According to the NAIOP CRE Sentiment Index, which is at the lowest level since September 2020,

“Respondents expect higher interest rates, higher cap rates, and a decrease in the supply of equity and debt over the next year. Respondents predict a sharper increase in cap rates and greater contraction in the supply of equity and debt than in any previous survey.”

 

The above chart from the National Association of Realtors shows the vacancy rate and 12-month rent growth by sector. Multi-family and Industrial properties have low vacancy rates, so they have the ability to raise rents to keep up with higher expenses. Office and retail properties are seeing rent growth below the inflation rate.

Tech Woes

After an extraordinary run, tech companies are being challenged by higher rates and inflation. 

 

Google this week reported a steep decline in profits. Social media companies such as Meta said that advertising sales — the heart of their businesses — have rapidly cooled off. And Microsoft, perhaps the tech industry’s most reliable performer, predicted a slowdown through at least the end of the year.

Tech companies led the way for the U.S. economy over the past decade and buoyed the stock market during the worst days of the coronavirus pandemic. Now, amid stubborn inflation and rising interest rates, even the biggest giants of Silicon Valley are signaling that tough days may be ahead.

The companies are navigating the same problems as the rest of the economy. Pumped up by aggressive consumer spending during the pandemic, they invested to keep up with demand. Now, as that spending is slowing, they’re trying to adjust. It hasn’t been easy.

Amazon, which had 798,000 employees at the beginning of 2020, is reining in expansion of its warehousing operations, mothballing buildings, pulling out of leases, and delaying plans to open facilities. The company employed 1.52 million people in the second quarter, almost 100,000 fewer than at the end of March.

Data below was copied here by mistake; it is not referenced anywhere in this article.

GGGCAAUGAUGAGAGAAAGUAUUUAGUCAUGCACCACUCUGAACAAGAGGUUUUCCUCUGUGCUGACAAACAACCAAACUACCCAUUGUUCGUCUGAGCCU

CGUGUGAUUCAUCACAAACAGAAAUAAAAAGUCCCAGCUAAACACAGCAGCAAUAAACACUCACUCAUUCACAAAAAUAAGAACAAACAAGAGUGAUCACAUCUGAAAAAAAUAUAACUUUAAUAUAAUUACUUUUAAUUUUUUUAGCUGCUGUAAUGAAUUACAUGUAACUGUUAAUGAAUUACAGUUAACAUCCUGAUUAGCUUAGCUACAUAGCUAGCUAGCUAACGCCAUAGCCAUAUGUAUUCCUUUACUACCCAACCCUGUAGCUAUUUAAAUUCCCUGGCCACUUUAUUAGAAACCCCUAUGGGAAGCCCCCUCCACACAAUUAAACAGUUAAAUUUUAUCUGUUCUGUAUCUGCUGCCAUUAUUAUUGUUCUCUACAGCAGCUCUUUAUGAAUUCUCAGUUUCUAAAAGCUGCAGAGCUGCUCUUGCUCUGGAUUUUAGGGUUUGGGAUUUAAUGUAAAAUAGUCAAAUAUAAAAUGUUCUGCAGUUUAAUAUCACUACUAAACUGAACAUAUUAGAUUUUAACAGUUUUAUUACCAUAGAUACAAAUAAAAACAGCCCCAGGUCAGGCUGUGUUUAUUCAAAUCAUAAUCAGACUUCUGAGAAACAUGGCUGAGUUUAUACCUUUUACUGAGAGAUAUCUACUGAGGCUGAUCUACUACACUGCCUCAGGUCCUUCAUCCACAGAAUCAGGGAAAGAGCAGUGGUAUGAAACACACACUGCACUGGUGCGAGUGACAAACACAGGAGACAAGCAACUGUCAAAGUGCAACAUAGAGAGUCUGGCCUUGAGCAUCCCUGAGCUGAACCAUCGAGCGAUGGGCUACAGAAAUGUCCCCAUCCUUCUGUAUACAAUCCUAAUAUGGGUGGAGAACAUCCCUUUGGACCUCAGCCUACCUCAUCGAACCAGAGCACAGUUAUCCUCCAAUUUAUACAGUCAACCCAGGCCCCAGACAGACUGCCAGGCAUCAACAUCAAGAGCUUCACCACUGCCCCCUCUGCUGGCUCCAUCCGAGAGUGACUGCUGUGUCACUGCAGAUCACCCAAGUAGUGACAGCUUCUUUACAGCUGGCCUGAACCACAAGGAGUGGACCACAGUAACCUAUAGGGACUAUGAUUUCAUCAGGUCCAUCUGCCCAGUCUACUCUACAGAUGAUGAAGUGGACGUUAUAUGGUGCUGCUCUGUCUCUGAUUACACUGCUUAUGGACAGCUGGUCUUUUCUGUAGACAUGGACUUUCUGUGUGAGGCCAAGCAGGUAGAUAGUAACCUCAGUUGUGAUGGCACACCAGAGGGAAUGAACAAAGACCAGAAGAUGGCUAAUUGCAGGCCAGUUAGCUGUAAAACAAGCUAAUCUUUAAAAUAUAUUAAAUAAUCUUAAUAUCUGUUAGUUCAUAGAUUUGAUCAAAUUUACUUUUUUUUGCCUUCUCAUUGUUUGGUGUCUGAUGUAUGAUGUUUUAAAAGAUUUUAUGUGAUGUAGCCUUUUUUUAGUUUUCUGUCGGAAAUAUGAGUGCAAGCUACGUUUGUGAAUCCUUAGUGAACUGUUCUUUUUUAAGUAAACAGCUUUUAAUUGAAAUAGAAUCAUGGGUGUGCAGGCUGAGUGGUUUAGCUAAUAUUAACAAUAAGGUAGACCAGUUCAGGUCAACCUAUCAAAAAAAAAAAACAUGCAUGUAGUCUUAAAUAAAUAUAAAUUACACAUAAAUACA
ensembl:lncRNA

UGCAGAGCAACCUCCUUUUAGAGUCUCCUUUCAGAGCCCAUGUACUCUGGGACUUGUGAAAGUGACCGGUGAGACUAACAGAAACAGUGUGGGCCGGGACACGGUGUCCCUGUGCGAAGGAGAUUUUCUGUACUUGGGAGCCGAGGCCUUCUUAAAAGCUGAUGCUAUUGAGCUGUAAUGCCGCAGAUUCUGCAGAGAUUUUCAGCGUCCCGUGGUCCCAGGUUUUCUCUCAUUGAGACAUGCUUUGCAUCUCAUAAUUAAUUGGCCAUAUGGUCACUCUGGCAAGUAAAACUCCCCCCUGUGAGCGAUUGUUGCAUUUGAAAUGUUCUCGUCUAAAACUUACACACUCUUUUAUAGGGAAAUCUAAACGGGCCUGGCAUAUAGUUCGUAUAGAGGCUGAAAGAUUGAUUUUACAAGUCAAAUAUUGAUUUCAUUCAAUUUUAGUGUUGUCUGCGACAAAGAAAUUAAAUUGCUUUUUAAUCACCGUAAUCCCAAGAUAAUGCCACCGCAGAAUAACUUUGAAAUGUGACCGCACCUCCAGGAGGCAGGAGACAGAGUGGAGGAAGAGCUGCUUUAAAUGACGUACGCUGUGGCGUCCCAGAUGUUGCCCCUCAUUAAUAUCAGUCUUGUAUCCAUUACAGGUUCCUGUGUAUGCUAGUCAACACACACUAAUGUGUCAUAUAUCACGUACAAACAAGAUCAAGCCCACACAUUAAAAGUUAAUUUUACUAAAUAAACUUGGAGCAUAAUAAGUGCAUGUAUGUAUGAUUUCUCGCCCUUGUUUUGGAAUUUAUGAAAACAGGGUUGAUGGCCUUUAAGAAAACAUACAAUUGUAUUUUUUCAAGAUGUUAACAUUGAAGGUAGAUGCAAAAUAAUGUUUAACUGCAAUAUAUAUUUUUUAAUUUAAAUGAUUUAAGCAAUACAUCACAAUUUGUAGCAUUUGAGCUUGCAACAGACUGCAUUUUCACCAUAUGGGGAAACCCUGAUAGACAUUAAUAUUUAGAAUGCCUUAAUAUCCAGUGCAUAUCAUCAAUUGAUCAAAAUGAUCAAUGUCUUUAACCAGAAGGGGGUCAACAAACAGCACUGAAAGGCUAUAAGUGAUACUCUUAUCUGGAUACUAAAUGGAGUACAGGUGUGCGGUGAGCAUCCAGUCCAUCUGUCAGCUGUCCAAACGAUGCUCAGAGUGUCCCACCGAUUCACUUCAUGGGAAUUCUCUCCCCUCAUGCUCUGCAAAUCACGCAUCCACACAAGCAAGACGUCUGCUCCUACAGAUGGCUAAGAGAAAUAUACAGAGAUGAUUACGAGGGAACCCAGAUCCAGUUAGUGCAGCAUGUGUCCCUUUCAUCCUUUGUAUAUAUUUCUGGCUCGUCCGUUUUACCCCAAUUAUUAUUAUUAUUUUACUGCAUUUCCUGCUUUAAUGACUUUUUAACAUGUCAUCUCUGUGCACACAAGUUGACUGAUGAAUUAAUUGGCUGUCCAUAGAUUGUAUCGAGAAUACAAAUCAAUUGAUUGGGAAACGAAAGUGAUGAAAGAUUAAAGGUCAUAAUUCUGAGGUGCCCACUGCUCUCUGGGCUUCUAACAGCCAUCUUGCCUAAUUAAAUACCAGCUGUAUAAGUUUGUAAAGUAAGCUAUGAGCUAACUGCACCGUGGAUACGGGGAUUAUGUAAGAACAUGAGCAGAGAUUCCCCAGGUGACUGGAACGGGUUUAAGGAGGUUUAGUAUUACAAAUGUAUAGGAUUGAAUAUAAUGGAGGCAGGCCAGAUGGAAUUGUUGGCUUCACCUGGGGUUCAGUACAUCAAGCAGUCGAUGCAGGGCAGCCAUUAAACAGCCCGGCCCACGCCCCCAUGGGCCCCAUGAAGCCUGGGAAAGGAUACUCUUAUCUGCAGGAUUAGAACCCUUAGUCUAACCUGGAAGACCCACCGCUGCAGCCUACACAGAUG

But their sudden slowdown is exposing a weakness. The big tech companies haven’t really found a new, very profitable idea in years. Despite years of investment in new businesses, Google and Meta still rely mostly on ad sales. The iPhone, 15 years after it upended the industry, still drives Apple’s profits.

Tech companies are just not growing like they used to. In fact, some of them are not growing at all. Meta Platforms actually showed declining revenue in the last quarter. The challenges in tech are somewhat surprising as most large tech companies have hardly any debt. For example, Meta has no long-term debt and has more interest income than expense. Meta is investing in growth, but it’s not paid off yet as its Reality Labs unit for the metaverse has lost $9.4 billion so far in 2022 and revenue fell by 50%.  

Credit Suisse Recapitalizes

Credit Suisse today announced a plan to raise capital and cut costs.

Credit Suisse Group AG opted to tap investors for a painful multibillion-dollar capital raise to shore up confidence and fund a years-long reshaping that will carve out its investment bank and slash its headcount by 9,000.